It’s been a whirlwind week in Cherokee County. Three chambers of commerce held their annual membership and awards banquets this week, and I was honored to attend two of those.

The week started with Bullard’s banquet, which was followed by Rusk’s on Tuesday night and Jacksonville’s on Thursday.

I told people many times on Tuesday and Thursday nights that I don’t often get a chance to sparkle, so I took full advantage of the opportunity — especially Tuesday night at Rusk’s banquet, which was themed “A Night with the Stars.”

You’ll notice I have a different mug shot this week. That’s me Tuesday night.

It also isn’t often I have the opportunity to see some of the things I saw this week, such as County Judge Chris Davis dancing with a transvestite — er, I mean a Marilyn Monroe look-alike. You can see a photo of her at left.

Nights like those are fun for me, even though I have to “work” at the events. I enjoy seeing everyone dressed in their finest, smiling and laughing as they reflect back on a year’s work — and as they look forward to a new year filled with promise.

I have to say Dr. Miles McCall, president of Lon Morris College and keynote speaker at the Rusk banquet, made a new fan in me. His speech was wonderful.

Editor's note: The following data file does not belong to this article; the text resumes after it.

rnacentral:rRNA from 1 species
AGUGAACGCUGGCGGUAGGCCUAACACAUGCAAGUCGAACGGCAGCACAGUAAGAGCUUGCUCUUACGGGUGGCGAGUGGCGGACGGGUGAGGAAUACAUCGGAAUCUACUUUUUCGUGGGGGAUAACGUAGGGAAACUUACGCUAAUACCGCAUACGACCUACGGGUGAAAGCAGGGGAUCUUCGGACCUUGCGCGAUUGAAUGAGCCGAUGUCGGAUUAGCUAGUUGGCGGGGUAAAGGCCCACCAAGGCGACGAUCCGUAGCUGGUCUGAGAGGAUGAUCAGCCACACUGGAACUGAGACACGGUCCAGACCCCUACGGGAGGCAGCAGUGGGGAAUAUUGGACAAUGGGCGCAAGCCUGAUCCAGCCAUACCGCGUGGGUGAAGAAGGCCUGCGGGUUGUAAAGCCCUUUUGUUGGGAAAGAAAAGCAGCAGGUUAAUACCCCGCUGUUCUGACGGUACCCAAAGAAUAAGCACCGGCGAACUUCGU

He called the members of the Rusk Chamber to a challenge — to make their town different.

He also used an exercise with people from the audience to show how difficult it can be to look at things differently. He had them read words off a poster silently to themselves, but yell out the color in which the words were written.

He didn’t let anyone else see the words — they were “Green” printed in red, “Yellow” printed in blue, “Purple” printed in black, etc.

Even looking at the poster, having the opportunity to think about it, it was difficult to think the color of the word, such as blue, than the word itself, “Red.”

Thinking about life in a different way is tough, especially when habits have been ingrained in us. Let’s face it, Cherokee County has a lot of “old” people in it — it has nothing to do with ages, but with how long people have lived here.

The people established here know a way of life, like that way of life, and want to keep things just that way.

That’s part of the charm of the area, something about it I treasure, and I would hate to see that lost.

But a tiny shift can make a world of difference.

I hope we can all look at things a little differently in the coming year and not only build on the success of the past, but add to it as well.

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